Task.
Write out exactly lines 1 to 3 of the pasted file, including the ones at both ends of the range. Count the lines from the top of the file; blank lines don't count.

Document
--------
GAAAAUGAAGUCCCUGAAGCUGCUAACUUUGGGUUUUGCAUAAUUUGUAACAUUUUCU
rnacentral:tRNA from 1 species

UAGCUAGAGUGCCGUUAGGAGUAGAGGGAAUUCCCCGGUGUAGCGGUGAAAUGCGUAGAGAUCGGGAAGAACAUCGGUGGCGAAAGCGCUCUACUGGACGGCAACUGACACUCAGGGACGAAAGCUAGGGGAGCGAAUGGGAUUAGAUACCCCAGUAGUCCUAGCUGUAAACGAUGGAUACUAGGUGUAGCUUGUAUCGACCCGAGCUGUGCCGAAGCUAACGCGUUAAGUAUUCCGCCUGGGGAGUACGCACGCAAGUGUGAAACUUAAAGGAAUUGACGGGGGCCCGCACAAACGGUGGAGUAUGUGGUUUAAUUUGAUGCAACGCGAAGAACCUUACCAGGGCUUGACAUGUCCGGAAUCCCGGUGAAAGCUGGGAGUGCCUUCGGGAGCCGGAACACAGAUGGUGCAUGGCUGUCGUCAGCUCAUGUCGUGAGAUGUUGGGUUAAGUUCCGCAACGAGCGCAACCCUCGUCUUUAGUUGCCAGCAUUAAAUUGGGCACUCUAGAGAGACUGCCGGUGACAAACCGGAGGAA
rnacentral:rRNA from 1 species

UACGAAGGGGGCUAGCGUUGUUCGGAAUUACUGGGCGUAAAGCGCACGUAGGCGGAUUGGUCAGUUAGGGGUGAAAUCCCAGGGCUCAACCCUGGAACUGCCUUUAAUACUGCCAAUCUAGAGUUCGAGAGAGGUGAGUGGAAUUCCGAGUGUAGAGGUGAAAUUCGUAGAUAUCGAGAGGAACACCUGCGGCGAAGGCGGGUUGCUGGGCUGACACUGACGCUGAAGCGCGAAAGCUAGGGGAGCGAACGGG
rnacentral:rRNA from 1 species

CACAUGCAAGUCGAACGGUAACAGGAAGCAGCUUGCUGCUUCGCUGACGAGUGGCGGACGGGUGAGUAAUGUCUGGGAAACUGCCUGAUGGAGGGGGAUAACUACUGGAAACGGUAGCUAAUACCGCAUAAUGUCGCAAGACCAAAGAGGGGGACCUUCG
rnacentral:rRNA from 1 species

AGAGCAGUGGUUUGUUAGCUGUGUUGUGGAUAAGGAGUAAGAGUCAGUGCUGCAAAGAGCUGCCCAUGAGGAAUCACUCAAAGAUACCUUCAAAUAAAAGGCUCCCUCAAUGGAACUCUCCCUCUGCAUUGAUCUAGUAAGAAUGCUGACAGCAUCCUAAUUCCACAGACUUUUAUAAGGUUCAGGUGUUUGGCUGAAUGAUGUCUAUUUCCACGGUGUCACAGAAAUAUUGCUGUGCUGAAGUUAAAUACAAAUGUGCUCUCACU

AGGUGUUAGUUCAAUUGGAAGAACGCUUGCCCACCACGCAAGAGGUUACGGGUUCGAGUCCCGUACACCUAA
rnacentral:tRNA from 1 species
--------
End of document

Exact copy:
GAAAAUGAAGUCCCUGAAGCUGCUAACUUUGGGUUUUGCAUAAUUUGUAACAUUUUCU
rnacentral:tRNA from 1 species

UAGCUAGAGUGCCGUUAGGAGUAGAGGGAAUUCCCCGGUGUAGCGGUGAAAUGCGUAGAGAUCGGGAAGAACAUCGGUGGCGAAAGCGCUCUACUGGACGGCAACUGACACUCAGGGACGAAAGCUAGGGGAGCGAAUGGGAUUAGAUACCCCAGUAGUCCUAGCUGUAAACGAUGGAUACUAGGUGUAGCUUGUAUCGACCCGAGCUGUGCCGAAGCUAACGCGUUAAGUAUUCCGCCUGGGGAGUACGCACGCAAGUGUGAAACUUAAAGGAAUUGACGGGGGCCCGCACAAACGGUGGAGUAUGUGGUUUAAUUUGAUGCAACGCGAAGAACCUUACCAGGGCUUGACAUGUCCGGAAUCCCGGUGAAAGCUGGGAGUGCCUUCGGGAGCCGGAACACAGAUGGUGCAUGGCUGUCGUCAGCUCAUGUCGUGAGAUGUUGGGUUAAGUUCCGCAACGAGCGCAACCCUCGUCUUUAGUUGCCAGCAUUAAAUUGGGCACUCUAGAGAGACUGCCGGUGACAAACCGGAGGAA